He further noted that CRISPR-MTB is a competitive alternative to Xpert in terms of price, as well. The cost of materials for a CRISPR-MTB test is about $3.50 per sample, and it has a total cost of about $7.50 per sample, Xu said. In contrast, culture tests cost an average of $14 per sample and Xpert-based testing clocks in at an average of $22 per sample.
The increased sensitivity, lower price, faster turnaround time, and smaller sample-size requirements make CRISPR-MTB testing superior, Vision Medicals believes.
Xu believes it can also be used to detect a wide range of infection-causing pathogens including bacteria, viruses, fungi, and parasites. The company is working closely with clinicians to adapt the test for other infectious disease applications, and Xu said they have "obtained promising results."
Vision Medicals is currently conducting a large, multicenter validation study on the CRISPR-MTB assay and is also trying to expand the test to indicate drug resistance in TB. On the platform level, the company is also working to make the diagnostic even simpler and faster to meet the need of point-of-care testing, Xu said, including working on enzyme evolution on certain Cas proteins to improve performance.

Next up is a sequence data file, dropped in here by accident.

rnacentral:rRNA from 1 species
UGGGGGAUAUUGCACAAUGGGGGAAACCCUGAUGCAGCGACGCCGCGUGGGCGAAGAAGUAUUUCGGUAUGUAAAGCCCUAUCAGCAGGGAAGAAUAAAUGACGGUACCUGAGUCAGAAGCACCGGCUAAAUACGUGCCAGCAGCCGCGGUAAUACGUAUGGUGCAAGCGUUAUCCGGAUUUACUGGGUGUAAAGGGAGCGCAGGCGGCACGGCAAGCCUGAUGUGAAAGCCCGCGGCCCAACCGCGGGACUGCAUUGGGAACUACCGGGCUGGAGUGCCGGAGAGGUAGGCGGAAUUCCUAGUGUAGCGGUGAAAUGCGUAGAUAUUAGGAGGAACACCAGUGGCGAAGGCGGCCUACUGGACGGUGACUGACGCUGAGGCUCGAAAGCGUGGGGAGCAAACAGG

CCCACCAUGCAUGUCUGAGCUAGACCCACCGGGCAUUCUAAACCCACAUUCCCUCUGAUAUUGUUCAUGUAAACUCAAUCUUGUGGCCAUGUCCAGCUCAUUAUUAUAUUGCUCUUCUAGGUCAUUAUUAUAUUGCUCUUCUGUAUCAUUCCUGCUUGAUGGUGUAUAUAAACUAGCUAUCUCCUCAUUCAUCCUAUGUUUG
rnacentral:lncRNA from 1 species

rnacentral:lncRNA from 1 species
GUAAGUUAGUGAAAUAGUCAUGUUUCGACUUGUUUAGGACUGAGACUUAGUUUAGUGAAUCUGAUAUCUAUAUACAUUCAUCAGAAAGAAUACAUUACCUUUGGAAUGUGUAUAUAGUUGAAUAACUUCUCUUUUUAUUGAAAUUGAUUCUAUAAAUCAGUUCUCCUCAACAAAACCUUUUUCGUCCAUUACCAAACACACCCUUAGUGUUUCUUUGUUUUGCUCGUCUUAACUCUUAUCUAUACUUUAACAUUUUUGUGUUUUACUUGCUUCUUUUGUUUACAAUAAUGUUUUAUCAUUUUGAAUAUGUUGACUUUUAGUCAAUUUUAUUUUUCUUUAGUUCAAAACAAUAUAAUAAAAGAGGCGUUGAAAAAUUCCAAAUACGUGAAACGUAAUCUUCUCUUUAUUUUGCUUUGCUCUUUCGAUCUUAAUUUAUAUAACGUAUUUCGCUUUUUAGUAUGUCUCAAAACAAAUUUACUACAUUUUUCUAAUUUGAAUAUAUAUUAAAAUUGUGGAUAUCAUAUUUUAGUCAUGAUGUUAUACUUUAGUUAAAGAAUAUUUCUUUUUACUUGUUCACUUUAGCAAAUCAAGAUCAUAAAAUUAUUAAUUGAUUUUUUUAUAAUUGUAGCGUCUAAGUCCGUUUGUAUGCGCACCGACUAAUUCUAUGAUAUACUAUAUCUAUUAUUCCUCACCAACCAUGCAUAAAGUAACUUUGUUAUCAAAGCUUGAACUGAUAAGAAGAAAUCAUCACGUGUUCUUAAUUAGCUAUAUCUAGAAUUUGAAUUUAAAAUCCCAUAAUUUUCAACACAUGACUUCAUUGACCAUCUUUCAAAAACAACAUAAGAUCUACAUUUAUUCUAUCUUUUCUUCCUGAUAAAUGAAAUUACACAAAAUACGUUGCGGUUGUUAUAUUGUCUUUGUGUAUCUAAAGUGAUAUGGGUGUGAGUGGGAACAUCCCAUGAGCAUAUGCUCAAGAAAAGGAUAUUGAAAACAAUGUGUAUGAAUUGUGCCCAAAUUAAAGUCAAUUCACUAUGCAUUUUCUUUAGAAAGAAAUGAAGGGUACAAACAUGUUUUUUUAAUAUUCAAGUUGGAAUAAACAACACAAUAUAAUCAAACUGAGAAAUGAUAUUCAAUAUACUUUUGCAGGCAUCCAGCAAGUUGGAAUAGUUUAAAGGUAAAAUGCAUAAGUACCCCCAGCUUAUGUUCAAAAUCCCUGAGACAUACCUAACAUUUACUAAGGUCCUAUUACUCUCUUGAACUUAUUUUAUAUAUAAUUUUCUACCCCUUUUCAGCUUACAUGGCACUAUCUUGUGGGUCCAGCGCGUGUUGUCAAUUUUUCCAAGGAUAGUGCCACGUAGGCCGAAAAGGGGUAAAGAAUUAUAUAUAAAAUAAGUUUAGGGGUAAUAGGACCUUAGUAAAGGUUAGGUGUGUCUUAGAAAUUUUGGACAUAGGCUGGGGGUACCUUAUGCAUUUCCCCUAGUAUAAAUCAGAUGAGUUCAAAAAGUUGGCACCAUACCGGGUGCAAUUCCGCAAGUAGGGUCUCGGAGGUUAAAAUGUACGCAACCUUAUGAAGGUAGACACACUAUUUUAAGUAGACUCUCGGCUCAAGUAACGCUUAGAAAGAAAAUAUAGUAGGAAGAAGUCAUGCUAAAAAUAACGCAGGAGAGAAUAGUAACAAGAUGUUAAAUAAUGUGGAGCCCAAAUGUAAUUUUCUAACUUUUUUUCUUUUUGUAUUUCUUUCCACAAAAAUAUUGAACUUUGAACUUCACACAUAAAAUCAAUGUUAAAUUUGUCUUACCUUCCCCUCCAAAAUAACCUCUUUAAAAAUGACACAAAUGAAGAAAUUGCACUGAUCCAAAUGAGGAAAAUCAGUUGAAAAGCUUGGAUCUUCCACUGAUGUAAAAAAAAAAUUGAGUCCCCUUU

Vision Medical noted that it would be feasible to have the entire testing procedure completed at the point of care by integrating it into a compact desktop machine, resulting in a sample-to-answer assay format.
The company is also putting its recently raised $14 million Series A funding to use in R&D. It’s planning further development for both the CRISPR test and its metagenomics and metatranscriptomics platform, with a focus on infectious disease detection. Vision Medicals also plans to use the funds to conduct clinical validation of the CRISPR test and gain regulatory approval.
"With the recent completed construction of our GMP facility for manufacturing IVD products, we plan to finish the multicenter study this year, further simplify the assay workflow for [point-of-care testing], and to start the process for acquiring regulatory approval in 2020," Xu said. "Commercial launch will follow once regulatory marketing approval is obtained."
The company said it plans to focus on the Chinese market first and will consider overseas sales at a later time.